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Bonobo (Pan paniscus) spatial memory and communication in a 20-hectare forest

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We used an artificial language as a tool for the study of spatial memory organization in a young Pan paniscus. In the first experiment, we showed the bonobo a road sign just outside its indoor sleeping area. The sign indicated, by means of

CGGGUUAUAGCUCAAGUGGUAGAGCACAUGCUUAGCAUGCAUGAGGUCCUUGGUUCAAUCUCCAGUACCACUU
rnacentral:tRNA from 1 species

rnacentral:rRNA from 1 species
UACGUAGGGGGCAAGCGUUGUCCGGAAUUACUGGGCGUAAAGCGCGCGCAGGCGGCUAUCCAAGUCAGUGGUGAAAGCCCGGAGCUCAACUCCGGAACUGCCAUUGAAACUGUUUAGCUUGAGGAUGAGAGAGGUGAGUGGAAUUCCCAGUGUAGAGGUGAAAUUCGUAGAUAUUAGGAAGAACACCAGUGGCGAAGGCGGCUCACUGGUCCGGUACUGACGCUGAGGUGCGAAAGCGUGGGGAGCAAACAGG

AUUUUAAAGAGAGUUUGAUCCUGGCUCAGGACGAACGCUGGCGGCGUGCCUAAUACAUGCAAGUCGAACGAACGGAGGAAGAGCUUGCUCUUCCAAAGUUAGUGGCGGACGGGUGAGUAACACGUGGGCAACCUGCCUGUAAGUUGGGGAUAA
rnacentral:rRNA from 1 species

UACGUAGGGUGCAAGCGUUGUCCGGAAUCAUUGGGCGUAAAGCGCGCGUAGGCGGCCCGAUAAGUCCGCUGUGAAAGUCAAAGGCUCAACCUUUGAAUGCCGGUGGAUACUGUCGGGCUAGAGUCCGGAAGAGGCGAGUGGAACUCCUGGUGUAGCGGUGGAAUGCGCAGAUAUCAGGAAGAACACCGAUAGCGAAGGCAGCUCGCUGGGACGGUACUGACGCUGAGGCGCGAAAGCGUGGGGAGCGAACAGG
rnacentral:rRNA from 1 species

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   International Journal of Primatology, Vol. 23, No. 3, June 2002 (  C   2002) Bonobo (  Pan paniscus ) Spatial Memoryand Communication in a 20-hectare Forest Charles R. Menzel, 1,2 E. Sue Savage-Rumbaugh, 1 and Emil W. Menzel Jr. 1 Received November 30, 2000; accepted April 27, 2001 We used an artificial language as a tool for the study of spatial memory or- ganization in a young  Pan paniscus . In the first experiment, we showed thebonoboaroadsignjustoutsideitsindoorsleepingarea.Thesignindicated,bymeans of arbitrarily designated geometrical shapes (lexigrams), where foodwas hidden. Only 2 of the 15 locations were visible from the sign. Distancesranged up to 170 m from the sign. In 99 of 127 test trials the bonobo went directly to the designated location on its first move. In a second experiment,we presented the road sign at varied points in the woods rather than at thesrcinal fixed place. In these trials the goal was a preferred toy. The bonobo’shumancompanionswerenevertoldthelocationofthegoalanddistanceswereup to 650 m. In all 12 trials the bonobo led its companions to the designated place via an efficient path. The bonobo appeared to be able to move, based onthe information provided by a lexigram, from almost any arbitrary startinglocation in its 20-ha environment to any one of the numerous goal locations. KEY WORDS:  spatial cognition; primate; great ape; chimpanzee;  Pan paniscus . This study examines the following questions. How accurately can ayoung symbol-competent male  Pan paniscus  that has been taken into thewoods every day by human companions remember the general layout of a large outdoor environment and the locations of various places where hehas obtained food? How consistently and effectively can he utilize arbitraryroad signs which signal the presence of food or other objects at locations 1 Language Research Center, Georgia State University, 3401 Panthersville Rd., Decatur,Georgia 30034. 2 To whom correspondence should be addressed; e-mail: lrccrm@panther.gsu.edu. 601 0164-0291/02/0600-0601/0  C  2002 Plenum Publishing Corporation  602 Menzel, Savage-Rumbaugh, and Menzel that are not visible at the time of choice? Can he still perform effectivelywhen the road signs and the goal locations are separated by hundreds of meters?Previous studies, including those on ape language, have not examinedhow apes use arbitrary visual signs to discriminate the presence of goalobjects at locations that are at great distances from the sign. Furthermore,we know of no previous study of nonhumans that has clearly shown thatan animal can go from an arbitrary starting location in a forest to any oneof a sizeable number of distant goals. The issue of how flexibly animals canrecall and go to different goals from different starting locations is a basicone in studies of animal spatial learning (Benhamou  et al. , 1990; Boeschand Boesch, 1984; Byrne, 2000; Collett, 1996; Gallistel, 1990, p. 154; Garber,1989, 2000; Janson, 2000; C. Menzel, 1991; E. Menzel, 1973a; R. Menzel, et al. , 1996; Sigg and Stolba, 1981; Woodworth, 1958). For example, Muller et al.  (1996, p. 669) listed “the ability to find a straight-line path between anypair of points in the environment, so that any point can serve as a startinglocation and any other point can serve as a goal” as one of 3 definitive typesof evidence for cognitive maps in animals, the other two types of evidencefor generalized mapping skills being “the capacity to find shortcuts when apath is suddenly opened that is more efficient than the current path” and“theabilitytofindanoptimaldetourwhenamoreefficientrouteissuddenlyblocked” (Muller  et al. , 1996, p. 670).Here,weshallusethecommunicationsystemthatabonobohadlearnedfrom people principally as a tool to examine his spatial memory. We treatquestionsregardinglanguageorcommunicationpersesecondarily.Thatistosay,weshallfocusonthebonoboasareceiverratherthanasasenderofinfor-mation.Elsewherewehaveaddressedquestionsregardingwhether Pan spp.can intentionally use lexigrams (C. Menzel, 1999; Savage-Rumbaugh  et al. ,1986) or can produce other signs (Savage-Rumbaugh  et al. , 1996) to indicatewhere they are going, as well as whether they can read signs produced byothers, and we will not get into these questions here.In the first experiment, we examined whether the bonobo could travelfromhishomebasetoanyoneof15distantgoallocationsonthebasisoftheinformationcontainedinalexigramroadsign.Inthesecondexperiment,westudiedhisabilitytogotodifferentgoalsfromdifferentstartinglocations.Indetail, we examined how effectively the bonobo could perform if he startedout from a random point in familiar terrain and whether he could retain theinformation from a road sign and sustain his motivation and sense of goaldirectionlongenoughtotraveltodestinationsthatwerehundredsofmetersaway and not visible throughout most of the journey. We presented the roadsign (and the bonobo’s starting point) at different locations in the woodsrather than at a single location, and distances ranged up to 650 m.  Bonobo Spatial Memory and Communication 603 METHODSubject The subject was a juvenile male  Pan paniscus , Kanzi, 4 years old at thestart of the experiment. Savage-Rumbaugh  et al.  (1986, 1993) describe hisrearing history and the manner in which he acquired facility in the use of lexigrams. Preliminary Experience Prior to this study, we had not trained Kanzi formally in the use of lexi-grams. He initially began to use lexigrams as an infant after watching exper-imenters try to teach lexigrams to his adoptive mother (Savage-Rumbaugh et al. , 1986, 1993). From 2.5 years of age (beginning 18 mo before this exper-iment) Kanzi had accompanied his human companions daily on excursionsin the 20-ha forest and around the laboratory facilities (Savage-Rumbaugh et al. , 1986). During outings, Kanzi’s human companions had used placenames in spoken English, had pointed toward locations, and had touchedlexigrams on a portable keyboard to announce travel destinations. Kanzi’scompanionshadnotmerelyplacedlexigramsatanamedplace.Instead,theyhad pointed to the lexigrams, talked about them, accompanied their presen-tation with other relevant potential signs, such as photographs, of wherethey were going, and did so at any given point along the trail, whereverappropriate (Savage Rumbaugh  et al. , 1993). Outings had not followed apredetermined route or timetable. If Kanzi indicated an interest in a newdirection, the companions and Kanzi took it. The companions frequentlypointed to and talked about place lexigrams without any travel ensuing.Thus, there had not been any fixed relationship between a caretaker touch-ing a lexigram and the event of moving to that location. Despite the factthat the outings were not structured as formal training sessions, before theonset of this experiment, Kanzi began to select lexigrams corresponding tosites in the woods, and it appeared that he could lead a person to the sitehe had selected, even when the person had no knowledge of the location(Savage-Rumbaugh  et al. , 1986). Apparatus for the First Experiment About 3 m outside the door of the laboratory room in which Kanzi washoused at night, we drove a 1.5-m wooden stake into the ground. On the  604 Menzel, Savage-Rumbaugh, and MenzelFig. 1.  Examples of lexigrams used on the road sign. a)dog pen, b) garden digging plot, c) staff office, d) trailer,e) colony room, f) food. stake was a small board, onto which we hung lexigrams to serve as roadsigns (Fig. 1). Rumbaugh (1977) and Savage-Rumbaugh (1986) describe theprinciples by which lexigrams were srcinally designed. The lexigrams areobviously arbitrary when compared to the signs of distant food sources thatwildbonobosmightemploy,andweassumethattheywouldalsobeneutralormeaninglesstoananimalthatlackedrelevantexperience(suchasKanzihadhad) with them. Most of the test area was heavily forested and moderatelyhilly, and only 2 of the 15 sites that were used in the experiment for theintroduction of food could be seen from where the sign was located. From13 of the 15 food sites it was also impossible to see any other food site. Atall times each of the 15 sites contained an identical insulated cooler, whichserved as a food container. The coolers themselves were never visible fromwhere the sign was located.  Bonobo Spatial Memory and Communication 605 Test Procedure for the First Experiment In the morning and again in the afternoon, for two trials per day, weplaced Kanzi’s rations for that portion of the day inside a food containerat one of the 15 fixed sites. We used the more distant sites less often thancloser ones, and they were not used on very cold or rainy days. Otherwisethe sequence used for site selection was random. We hung 2 lexigrams onthe wooden stake. One of them was FOOD, and the other lexigram corre-sponded to the site that contained food on that occasion, e.g. A-FRAME,SCRUBBY PINE NOOK, PLAY YARD.Kanzi could initiate searching for food at any time by moving to thedoor, or by leading his human companion to the road sign, or by touchingFOOD on the keyboard. The companion accompanied Kanzi to the roadsign and allowed him to lead the way. In a typical trial, as soon as Kanzisaw the road sign he would run 10 m or more ahead of the person, seldomlooking back, and the person had to hurry to keep up with him.Kanzi could visit any number of sites during a trial. Once Kanzi foundand opened the cooler that contained the food, the companion gave him asmall amount of the food and then carried the remainder back to the lab forlater consumption. The companion recorded each station that Kanzi visited.A visit was scored to a station if Kanzi touched the cooler. We conducted127 trials over a 5-mo period.Our aim was to assess what Kanzi had already learned about locationsand about location lexigrams, and how well he could transfer his learning tonew travel problems. Accordingly, the task was novel for Kanzi in severalspecificrespects.First,beforethisexperiment,wehadneverpresentedKanziwith a randomly selected lexigram and then, in addition, required him tolead a person to the corresponding place. Second, we had never restrictedhis daily rations to a single location in the woods and required him to searchfor the single food source. When food was available in the woods in the past,a small amount had been present at each food site. Third, Kanzi had neverencountered a lexigram hung on a post or a lexigram deliberately left in theenvironment as a sign or message that he had to interpret. Fourth, we hadneverrequiredKanzitoleadapersontoanyspecificfoodsitefromastartingpoint near his home cage. We do not intend to imply by these statements,however, that Kanzi brought no relevant experience to the test situation. Analysis of First Experiment We used Monte Carlo (randomization) tests to assess Kanzi’s perfor-mance statistically, that is, to compare his performance to that expected by